Extraterritorial Offices of Exchange (ETOEs) are businesses operated by – or in connection with – foreign postal operators. ETOEs perform a wide range of postal functions that can vary by country, but generally include consolidating, documenting, and transporting outbound international mail. Since the early 1960s, organizations have been using a practice called “remailing,” in which they bypass the national postal operator for delivery of outbound international mail service in order to access lower rates. The term ETOEs was later coined to describe this practice of foreign postal operators seeking to send dispatches directly to other countries from countries outside their own territories.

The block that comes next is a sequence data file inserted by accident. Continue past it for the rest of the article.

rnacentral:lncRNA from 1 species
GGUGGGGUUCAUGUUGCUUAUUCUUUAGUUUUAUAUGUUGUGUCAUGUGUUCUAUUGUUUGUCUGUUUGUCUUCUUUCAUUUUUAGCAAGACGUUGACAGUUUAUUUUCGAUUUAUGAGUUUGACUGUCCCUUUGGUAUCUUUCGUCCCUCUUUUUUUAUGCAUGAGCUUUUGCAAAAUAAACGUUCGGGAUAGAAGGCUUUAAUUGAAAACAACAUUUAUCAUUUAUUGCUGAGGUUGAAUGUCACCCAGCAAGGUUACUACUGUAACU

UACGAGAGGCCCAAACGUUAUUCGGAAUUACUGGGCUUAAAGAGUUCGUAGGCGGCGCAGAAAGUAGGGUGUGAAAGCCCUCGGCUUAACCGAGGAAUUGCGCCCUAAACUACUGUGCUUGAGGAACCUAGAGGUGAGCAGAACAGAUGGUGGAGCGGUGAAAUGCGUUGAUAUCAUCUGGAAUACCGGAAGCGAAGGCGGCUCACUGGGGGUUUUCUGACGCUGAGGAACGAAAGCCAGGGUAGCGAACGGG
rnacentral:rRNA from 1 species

The recent growth in the international mailing and shipping market — recently estimated to be $1.5 trillion — will likely continue to fuel discussions on the role and impact of ETOEs and the terminal dues system. ETOEs were a topic taken up during the 2016 UPU Congress and UPU member countries agreed on changes to the terminal dues system during that meeting, but it continues to be a topic of debate among the international mailing and shipping community. The future of ETOEs and their operations in the U.S. is unclear. This paper explores ETOE operations, their oversight structure, and stakeholder perspectives.